Chris Woakes poised to leave self-isolation and press his claims for first Test

Tim Wigmore
·3-min read
England's Chris Woakes reacts after bowling a ball to Pakistan's Shan Masood - Dan Mullan/Pool via REUTERS
England's Chris Woakes reacts after bowling a ball to Pakistan's Shan Masood - Dan Mullan/Pool via REUTERS

Chris Woakes is ready to resume training on Saturday in Hambantota as he ends his period of self-isolation. 

Woakes has been in self-isolation following Moeen Ali’s positive Covid-19 test - the two shared a car in Birmingham en route to Heathrow airport - but has tested negative for the virus. England plan that he will train in a controlled environment in the nets, and should then be able to train with the rest of the squad as normal. 

In the absence of the rested Ben Stokes, Woakes had been primed to play a crucial role on tour, playing as the all-rounder, batting at No7, after his outstanding performances in 2020. Should he continue to test negative for Covid-19 and respond well to training, Woakes may still feature in the opening Test on Thursday. If not, Sam Curran is likely to play as the all-rounder. 

Moeen’s condition is understood to be improving and he is planning to rejoin the tour party on Wednesday, though in practice that will be too late for the first Test. 

Another absentee - Ollie Pope, who remains unfit to field and is not in the main tour party - scored a half-century in the first game of England’s intra-squad warm-up game. Skipper Joe Root made an undefeated 78, before James Anderson, Ollie Robinson and Jack Leach all took two wickets apiece against Jos Buttler’s side, with Buttler dismissed for a golden duck by Anderson. The wicket offered far more assistance for seam bowling than is likely during the two-Test series.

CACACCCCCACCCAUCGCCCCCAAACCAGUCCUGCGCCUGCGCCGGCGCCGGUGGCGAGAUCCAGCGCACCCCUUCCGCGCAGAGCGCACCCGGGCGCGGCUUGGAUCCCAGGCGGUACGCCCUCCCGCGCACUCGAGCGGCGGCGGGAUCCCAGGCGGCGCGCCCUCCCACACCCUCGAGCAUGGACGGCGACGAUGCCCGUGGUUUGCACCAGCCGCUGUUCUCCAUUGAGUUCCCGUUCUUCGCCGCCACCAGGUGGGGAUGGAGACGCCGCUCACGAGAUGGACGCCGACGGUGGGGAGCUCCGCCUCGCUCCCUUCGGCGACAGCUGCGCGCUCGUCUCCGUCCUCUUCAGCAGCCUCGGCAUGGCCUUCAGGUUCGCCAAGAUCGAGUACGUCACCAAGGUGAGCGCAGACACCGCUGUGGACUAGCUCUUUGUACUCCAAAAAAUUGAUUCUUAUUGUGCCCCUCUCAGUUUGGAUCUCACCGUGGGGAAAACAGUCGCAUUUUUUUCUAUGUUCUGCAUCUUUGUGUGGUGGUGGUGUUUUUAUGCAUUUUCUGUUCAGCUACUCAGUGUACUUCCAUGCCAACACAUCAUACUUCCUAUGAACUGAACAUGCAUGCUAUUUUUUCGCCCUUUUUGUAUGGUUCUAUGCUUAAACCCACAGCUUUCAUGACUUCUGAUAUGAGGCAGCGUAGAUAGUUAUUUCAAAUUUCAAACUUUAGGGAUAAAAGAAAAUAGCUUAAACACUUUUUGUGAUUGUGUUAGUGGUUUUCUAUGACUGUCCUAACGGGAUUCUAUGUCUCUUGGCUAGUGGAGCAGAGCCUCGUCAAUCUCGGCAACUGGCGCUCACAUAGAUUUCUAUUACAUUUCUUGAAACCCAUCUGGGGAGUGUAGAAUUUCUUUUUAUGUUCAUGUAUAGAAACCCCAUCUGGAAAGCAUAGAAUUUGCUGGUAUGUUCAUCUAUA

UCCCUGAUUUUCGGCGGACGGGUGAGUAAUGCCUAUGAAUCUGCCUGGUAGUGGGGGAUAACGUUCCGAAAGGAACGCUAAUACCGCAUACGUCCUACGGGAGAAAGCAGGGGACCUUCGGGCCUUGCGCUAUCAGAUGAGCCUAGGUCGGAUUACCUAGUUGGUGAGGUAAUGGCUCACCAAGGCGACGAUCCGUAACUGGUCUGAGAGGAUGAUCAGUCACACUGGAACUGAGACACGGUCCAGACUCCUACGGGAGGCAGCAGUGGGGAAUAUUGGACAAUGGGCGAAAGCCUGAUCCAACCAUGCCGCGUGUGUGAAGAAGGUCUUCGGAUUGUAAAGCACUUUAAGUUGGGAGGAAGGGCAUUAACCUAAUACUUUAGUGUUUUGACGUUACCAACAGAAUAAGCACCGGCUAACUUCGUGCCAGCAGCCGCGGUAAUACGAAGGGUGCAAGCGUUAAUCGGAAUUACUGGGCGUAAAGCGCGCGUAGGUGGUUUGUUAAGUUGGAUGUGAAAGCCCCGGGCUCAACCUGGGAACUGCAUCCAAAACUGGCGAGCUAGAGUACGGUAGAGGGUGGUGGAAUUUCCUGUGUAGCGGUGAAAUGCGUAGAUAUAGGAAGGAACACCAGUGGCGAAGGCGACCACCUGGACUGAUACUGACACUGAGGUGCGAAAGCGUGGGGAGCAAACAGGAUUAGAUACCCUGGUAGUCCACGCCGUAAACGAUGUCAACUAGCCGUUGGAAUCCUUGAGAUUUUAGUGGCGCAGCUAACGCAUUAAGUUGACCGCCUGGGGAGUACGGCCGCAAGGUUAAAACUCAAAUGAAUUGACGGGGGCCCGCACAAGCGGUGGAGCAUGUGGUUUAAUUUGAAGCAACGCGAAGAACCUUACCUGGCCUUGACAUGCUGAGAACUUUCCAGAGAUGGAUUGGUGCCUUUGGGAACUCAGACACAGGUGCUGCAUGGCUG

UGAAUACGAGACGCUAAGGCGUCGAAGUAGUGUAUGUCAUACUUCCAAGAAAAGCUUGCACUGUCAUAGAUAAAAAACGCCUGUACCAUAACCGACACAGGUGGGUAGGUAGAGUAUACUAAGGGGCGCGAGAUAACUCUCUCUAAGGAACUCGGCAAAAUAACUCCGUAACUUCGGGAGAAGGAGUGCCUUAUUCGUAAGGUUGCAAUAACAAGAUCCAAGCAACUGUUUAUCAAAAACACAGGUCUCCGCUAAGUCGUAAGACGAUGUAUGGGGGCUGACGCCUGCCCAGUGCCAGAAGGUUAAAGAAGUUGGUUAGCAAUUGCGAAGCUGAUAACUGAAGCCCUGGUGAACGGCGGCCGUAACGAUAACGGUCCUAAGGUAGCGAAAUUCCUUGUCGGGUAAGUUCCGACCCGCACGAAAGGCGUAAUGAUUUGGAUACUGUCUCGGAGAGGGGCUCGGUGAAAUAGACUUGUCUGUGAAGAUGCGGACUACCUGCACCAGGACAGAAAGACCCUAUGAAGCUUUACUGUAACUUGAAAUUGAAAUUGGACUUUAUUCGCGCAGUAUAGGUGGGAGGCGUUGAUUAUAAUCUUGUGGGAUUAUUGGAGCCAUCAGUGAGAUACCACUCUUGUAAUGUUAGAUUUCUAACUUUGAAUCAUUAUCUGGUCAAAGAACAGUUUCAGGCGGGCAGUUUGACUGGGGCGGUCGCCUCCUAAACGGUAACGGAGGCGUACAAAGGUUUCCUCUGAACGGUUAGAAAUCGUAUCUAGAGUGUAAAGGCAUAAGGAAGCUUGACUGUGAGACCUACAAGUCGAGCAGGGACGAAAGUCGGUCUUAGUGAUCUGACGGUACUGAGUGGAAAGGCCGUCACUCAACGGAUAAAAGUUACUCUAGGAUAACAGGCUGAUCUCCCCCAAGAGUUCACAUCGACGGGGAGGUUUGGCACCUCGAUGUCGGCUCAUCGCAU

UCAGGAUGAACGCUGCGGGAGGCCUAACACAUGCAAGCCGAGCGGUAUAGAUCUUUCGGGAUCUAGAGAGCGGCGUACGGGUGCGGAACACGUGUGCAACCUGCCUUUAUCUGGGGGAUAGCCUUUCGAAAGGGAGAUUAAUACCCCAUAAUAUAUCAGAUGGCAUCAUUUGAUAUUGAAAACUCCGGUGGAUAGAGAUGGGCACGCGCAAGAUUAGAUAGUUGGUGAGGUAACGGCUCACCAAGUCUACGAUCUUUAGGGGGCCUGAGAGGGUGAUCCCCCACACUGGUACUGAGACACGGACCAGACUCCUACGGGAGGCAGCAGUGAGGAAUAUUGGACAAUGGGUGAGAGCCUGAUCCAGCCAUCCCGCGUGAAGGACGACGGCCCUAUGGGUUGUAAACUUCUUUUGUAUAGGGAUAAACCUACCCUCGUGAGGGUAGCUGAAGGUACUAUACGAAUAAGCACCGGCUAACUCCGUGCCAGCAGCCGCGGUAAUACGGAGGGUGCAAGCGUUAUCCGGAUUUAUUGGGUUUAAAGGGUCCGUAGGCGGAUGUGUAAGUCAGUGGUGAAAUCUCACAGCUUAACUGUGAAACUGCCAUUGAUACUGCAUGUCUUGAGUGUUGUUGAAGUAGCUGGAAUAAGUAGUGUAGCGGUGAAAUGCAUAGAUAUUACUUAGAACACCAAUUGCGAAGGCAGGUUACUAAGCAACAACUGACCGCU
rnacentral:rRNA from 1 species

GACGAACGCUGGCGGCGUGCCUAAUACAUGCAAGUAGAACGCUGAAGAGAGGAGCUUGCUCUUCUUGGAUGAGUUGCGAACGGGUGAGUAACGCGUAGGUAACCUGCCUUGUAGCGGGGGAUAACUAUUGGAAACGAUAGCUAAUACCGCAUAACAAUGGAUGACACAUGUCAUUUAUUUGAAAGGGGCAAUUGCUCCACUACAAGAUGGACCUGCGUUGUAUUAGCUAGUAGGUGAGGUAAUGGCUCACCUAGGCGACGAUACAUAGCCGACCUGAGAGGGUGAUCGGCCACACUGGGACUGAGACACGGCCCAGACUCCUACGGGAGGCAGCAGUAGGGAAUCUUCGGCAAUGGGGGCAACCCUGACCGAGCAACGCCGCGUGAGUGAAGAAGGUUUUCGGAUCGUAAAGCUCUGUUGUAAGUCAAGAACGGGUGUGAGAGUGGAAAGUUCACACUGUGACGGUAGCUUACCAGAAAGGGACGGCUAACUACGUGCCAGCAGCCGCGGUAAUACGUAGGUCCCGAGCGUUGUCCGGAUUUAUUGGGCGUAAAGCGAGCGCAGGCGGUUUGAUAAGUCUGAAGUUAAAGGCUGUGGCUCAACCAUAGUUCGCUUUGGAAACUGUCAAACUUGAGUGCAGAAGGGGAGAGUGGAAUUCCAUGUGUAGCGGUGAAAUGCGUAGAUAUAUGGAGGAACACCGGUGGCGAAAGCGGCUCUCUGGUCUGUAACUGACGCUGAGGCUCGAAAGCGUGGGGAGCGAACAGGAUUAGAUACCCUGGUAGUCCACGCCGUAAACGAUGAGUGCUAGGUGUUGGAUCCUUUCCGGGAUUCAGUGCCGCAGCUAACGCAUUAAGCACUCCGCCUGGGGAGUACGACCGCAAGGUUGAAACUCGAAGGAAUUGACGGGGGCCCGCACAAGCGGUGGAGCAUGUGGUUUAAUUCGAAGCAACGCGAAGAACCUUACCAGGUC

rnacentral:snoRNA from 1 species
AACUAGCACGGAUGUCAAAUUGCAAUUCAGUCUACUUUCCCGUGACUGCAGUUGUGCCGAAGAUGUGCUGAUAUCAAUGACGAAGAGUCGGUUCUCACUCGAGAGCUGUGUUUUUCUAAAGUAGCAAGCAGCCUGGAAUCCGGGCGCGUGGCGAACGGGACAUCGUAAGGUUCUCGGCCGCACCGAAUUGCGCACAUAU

Sri Lanka vs England 2021 details
Sri Lanka vs England 2021 details

After 10 Test matches in largely unhelpful conditions - eight in England and two in South Africa - off-spinner Dom Bess is relishing the opportunity to bowl on more helpful tracks in Sri Lanka. 

"I can't wait. Genuinely can't wait," he said. "It's a great opportunity. As a spin group, it's a really exciting prospect. 

"It's going to be a great challenge for the spin group. You talk about pressure: you're playing international cricket, there's going to be pressure. But I think you've got to flip it. It's the opportunity you can take. And I personally haven't been on many spinning wickets, or wickets that have suited me, and I've really enjoyed that challenge. But now, the eyes are going to be on the spinners and I can't wait.

"I'm trying to bowl my best ball, and I think that is good enough and will challenge batters. It's about having the nous going about it with the fields and putting the Sri Lankans under pressure. These guys have grown up playing against spin and that's why I see it as a great challenge. There could be some egos floating around that I can hopefully get stuck into."

Over the winter of 2019-20, Bess worked closely with Rangana Herath, the Sri Lanka spinner who took 433 Test wickets in a career that ended in 2018.

“We spoke a lot about bowling in sub-continent conditions,” he said. “Funnily enough I’ve still got the voice notes on my phone. I read through my notes the other day about it and there were a lot of things that came back up that showed obviously he was a genius but how simple he kept it. That was something that keeps getting reinforced.

“With Herath it was actually again how consistent you can be in an area – and it always comes back to that – bowling your best ball. And then once you’ve got the confidence, actually changing it subtly. Also playing with your fields. The Sri Lankans are going to back themselves against our spinners and that’s going to play into our hands. There’s going to be a couple of egos floating around I hope because you can get stuck into that.”